When an Interpreter’s Ethics are Tested

Lately I have had a couple of difficult cases that tested my ethical professionalism.
Case number one.
Mr. Gabriel Dominguez (obviously I changed the names or else I would be in trouble for confidentiality issues) had a serious injury on the job which required surgery and extensive therapy. A nurse case manager worked closely and conscientiously with him and we were assigned to interpret for all his medical appointments.

Eventually he reached a plateau in therapy and the doctor stated there was no more he could do for him. Shortly afterward, the nurse had me inform the claimant that she had closed the file and he needed to await contact from the insurance company to close the case.

After a while, the claimant began contacting us to arrange a conference call with the adjuster. Our office attempted on many occasions. We also e-mailed the adjuster to arrange the conference call. There was never a response. After repeated attempts, the claimant finally called me and asked if I could refer him to an attorney. I explained to him that according to our code of ethics, Interpreters must stay unbiased and refrain from giving advice to the patient.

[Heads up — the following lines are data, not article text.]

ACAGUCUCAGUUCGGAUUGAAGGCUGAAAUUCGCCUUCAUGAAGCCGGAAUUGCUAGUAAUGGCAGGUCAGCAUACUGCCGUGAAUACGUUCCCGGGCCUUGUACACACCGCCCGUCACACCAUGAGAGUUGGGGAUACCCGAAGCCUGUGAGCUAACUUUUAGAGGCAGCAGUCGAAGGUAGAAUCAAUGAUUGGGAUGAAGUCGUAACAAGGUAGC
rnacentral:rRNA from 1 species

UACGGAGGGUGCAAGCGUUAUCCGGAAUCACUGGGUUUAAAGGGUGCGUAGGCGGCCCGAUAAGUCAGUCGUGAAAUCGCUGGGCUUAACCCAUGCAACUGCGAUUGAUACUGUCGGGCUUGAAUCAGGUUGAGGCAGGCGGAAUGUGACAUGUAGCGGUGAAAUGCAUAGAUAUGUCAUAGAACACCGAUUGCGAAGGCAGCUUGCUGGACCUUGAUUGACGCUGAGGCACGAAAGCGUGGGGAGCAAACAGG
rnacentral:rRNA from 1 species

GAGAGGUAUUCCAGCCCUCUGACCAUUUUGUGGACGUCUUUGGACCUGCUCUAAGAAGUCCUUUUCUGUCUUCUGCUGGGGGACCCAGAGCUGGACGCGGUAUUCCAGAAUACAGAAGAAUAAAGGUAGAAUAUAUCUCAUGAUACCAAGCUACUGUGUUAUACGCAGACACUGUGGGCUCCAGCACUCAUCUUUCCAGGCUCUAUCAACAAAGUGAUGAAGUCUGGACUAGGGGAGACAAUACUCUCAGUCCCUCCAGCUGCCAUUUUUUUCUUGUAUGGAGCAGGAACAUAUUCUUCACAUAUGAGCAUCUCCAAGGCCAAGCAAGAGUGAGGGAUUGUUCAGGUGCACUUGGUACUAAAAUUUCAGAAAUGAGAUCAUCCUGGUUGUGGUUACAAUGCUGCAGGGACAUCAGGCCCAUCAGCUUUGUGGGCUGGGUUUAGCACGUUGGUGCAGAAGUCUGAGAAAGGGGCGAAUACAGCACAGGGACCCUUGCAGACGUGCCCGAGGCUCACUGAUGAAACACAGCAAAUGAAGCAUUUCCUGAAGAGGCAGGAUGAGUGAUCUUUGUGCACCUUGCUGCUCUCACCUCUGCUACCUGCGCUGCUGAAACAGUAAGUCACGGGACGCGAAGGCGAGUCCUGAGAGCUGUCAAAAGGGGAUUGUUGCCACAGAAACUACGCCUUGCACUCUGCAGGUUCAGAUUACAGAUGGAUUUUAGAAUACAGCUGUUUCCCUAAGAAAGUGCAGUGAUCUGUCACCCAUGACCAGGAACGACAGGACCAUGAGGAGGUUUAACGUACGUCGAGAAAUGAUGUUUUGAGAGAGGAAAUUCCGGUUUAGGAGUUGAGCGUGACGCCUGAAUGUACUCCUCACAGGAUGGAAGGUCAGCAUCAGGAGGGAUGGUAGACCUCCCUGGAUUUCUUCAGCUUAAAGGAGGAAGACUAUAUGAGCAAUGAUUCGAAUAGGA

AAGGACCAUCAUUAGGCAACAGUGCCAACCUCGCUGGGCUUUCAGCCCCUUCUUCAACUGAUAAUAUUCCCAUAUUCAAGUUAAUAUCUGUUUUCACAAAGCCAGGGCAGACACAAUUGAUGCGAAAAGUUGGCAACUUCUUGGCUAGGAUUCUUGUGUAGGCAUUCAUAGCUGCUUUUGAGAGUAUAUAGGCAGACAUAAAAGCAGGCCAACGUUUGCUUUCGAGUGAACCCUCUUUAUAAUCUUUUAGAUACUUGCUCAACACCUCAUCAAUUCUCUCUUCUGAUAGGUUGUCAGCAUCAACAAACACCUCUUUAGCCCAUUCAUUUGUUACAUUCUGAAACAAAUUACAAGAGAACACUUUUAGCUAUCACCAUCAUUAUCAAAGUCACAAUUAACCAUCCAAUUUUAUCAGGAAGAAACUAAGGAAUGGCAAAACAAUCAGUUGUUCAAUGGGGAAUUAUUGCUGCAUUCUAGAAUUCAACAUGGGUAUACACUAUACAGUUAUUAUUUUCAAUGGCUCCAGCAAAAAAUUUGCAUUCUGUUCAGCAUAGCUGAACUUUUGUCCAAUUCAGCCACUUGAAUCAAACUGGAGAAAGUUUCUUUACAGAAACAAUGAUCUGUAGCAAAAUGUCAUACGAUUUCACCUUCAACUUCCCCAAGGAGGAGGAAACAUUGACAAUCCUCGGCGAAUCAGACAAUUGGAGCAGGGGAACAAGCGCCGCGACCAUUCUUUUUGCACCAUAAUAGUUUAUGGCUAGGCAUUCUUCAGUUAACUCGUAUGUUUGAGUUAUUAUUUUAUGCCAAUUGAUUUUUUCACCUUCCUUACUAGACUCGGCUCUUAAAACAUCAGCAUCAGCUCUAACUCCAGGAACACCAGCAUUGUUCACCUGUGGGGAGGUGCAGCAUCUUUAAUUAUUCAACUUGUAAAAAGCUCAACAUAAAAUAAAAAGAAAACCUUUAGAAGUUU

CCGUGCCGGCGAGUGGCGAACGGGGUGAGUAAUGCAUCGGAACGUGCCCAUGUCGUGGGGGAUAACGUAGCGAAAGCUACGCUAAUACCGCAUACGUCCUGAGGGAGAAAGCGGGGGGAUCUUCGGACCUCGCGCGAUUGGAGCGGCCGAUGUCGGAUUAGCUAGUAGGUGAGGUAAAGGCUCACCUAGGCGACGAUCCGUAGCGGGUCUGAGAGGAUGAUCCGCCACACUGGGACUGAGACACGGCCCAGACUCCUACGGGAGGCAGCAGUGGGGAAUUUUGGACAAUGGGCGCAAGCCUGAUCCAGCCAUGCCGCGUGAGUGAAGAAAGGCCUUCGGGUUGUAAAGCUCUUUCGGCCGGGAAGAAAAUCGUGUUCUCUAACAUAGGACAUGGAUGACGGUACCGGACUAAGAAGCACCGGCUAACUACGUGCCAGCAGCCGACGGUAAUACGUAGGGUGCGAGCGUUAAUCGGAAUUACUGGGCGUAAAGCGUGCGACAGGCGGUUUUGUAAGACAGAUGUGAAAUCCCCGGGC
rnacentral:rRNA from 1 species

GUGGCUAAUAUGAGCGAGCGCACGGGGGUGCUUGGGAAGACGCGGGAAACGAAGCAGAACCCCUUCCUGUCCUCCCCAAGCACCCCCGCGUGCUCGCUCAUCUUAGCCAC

This is where he began to beg and it became much more difficult for me. “Sir, I don’t speak the language, and I don’t understand how this country does things. I don’t know anyone who can help me. I know that you are a good person, you know how things work, you have been around, you must know a good lawyer! Please, please help me I don’t know what else to do or who to go to!”

I have to say that that earnest plea for help tore me up inside! However, I also know that the reason we have earned respect from all sides is because we do our job well without getting ourselves emotionally involved. We communicate well and stay neutral. Our service of clear communication enables all parties to get the information they need and use that information to make necessary decisions. Therefore, after a long thoughtful pause, I repeated my position on the code of ethics and explained that if it was his personal decision to find an attorney, I’m sure he could find one in the phone book or the internet.

That particular moment was tough for me. What would you have done? Please share with me your comments. I’m interested in seeing if there was a better way. The next blog will feature recent case number two.

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2 thoughts on “When an Interpreter’s Ethics are Tested”

  1. Pingback: When an Interpreter's Ethics are Tested | JWAlf...

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